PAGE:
Living abroad, it’s easy to get confused about where your “home” truly is. My permanent address is my parent’s home back in New York. Yet, I don’t really have my own room there anymore. A bunch of my winter clothes and books are stored in the basement in boxes.  Every year as I go back to visit, it feels a little less like my home and a bit more foreign.

After 4 years in Korea, it felt like my home. Now that I moved, I miss Korea terribly at times.  After 4 months of being here in Singapore, this foreign place is slowly starting to feel a bit like home. Even though they say home is where the heart is, what do you do when pieces of your heart are scattered all over?

Where is home for you? 

The Slice of Life Challenge happens every Tuesday and is hosted by the Two Writing Teachers.

Celebrating Valentine’s Day!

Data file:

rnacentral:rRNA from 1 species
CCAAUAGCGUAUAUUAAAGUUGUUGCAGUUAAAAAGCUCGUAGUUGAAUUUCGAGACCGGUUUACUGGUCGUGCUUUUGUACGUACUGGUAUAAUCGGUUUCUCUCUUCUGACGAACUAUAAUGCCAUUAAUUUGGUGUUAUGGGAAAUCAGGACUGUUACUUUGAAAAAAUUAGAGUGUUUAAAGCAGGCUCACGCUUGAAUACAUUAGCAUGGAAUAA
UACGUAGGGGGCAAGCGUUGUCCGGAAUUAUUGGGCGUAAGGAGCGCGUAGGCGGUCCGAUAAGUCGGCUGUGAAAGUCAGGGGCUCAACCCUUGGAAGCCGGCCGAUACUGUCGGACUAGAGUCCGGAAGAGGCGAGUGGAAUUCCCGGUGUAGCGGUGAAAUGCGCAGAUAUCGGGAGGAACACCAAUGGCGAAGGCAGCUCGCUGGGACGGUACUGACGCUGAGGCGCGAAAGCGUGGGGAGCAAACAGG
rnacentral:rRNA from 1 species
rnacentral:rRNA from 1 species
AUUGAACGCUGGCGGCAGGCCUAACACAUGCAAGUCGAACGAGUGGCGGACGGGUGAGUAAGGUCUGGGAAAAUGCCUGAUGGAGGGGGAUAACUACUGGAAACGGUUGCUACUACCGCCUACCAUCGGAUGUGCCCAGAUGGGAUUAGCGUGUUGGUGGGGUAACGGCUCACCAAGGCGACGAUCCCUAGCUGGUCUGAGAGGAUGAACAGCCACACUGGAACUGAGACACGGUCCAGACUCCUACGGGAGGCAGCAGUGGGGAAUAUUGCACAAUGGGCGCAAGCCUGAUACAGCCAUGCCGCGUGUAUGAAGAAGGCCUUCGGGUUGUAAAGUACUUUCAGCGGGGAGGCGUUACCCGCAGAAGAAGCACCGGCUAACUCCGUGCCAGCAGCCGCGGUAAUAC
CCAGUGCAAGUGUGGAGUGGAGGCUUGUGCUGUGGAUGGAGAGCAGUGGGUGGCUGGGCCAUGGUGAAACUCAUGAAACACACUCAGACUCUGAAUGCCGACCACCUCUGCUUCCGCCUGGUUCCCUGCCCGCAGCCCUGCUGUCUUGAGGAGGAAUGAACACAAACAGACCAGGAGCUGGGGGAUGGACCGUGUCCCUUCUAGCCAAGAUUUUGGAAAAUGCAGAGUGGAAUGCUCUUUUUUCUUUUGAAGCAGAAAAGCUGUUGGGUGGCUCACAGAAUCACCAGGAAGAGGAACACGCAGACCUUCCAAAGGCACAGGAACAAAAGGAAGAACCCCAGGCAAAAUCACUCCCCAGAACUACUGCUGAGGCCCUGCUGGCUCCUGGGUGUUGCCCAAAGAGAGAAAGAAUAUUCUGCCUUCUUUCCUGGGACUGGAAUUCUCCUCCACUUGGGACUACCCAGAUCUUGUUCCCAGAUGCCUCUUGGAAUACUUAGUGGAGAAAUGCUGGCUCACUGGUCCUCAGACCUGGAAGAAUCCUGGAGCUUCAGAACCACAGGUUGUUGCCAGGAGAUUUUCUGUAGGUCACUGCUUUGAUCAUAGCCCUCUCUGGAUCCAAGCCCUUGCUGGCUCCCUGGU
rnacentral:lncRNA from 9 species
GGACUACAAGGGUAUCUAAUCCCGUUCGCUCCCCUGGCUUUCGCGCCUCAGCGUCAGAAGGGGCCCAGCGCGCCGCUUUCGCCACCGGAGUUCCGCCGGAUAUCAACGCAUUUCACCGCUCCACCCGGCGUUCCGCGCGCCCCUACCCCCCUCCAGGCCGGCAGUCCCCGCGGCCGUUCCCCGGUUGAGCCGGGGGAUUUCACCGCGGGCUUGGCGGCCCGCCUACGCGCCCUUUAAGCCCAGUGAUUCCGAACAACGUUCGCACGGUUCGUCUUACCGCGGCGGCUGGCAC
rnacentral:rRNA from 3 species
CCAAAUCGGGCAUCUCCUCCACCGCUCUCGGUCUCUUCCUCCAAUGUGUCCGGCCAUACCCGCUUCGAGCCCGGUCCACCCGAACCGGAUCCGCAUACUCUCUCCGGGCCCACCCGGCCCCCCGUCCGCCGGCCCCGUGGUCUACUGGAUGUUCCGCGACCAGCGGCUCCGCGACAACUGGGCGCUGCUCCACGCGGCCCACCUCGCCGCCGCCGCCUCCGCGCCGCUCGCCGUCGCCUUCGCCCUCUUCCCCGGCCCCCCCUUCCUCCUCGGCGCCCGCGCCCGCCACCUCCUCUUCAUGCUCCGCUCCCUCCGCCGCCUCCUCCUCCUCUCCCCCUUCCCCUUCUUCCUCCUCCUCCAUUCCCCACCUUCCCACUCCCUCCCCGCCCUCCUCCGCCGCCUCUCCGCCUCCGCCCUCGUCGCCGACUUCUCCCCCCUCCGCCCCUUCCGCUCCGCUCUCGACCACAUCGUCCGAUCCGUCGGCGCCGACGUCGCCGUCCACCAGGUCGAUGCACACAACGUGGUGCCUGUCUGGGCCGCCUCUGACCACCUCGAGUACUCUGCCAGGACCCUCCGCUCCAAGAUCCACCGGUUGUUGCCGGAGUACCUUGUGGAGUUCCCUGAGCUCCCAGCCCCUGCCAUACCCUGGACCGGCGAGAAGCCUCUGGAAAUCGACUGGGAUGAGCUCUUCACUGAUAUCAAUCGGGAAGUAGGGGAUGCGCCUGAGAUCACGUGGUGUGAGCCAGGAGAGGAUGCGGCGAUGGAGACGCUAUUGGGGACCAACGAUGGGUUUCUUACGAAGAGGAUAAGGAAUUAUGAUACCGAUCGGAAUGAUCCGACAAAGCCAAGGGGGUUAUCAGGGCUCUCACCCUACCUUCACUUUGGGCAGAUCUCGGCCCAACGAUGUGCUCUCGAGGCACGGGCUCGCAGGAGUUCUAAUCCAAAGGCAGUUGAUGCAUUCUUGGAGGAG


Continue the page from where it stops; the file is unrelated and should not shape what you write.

I’m a bit late posting this, but here are some of the heart maps & heart poems my students created. I had the students cut out hearts using the painted paper they made. One one side they put a heart map, where they map out all the things in their “heart”. Then, I had them choose one thing from their heart map to write a poem about. The poem went on the other side. After, I laminated their hearts and punched  a hole at the top. I hung the hearts up in my classroom.

Also, I made chocolate for my students and put them in little plastic baggies with other bought chocolate. It’s super easy to make the chocolate. You buy the chocolate morsels for melting and then put them in the plastic molds. After, you put the plastic molds in the fridge and it hardens in a few hours. 🙂

Simple Valentine’s Day Paper & Cards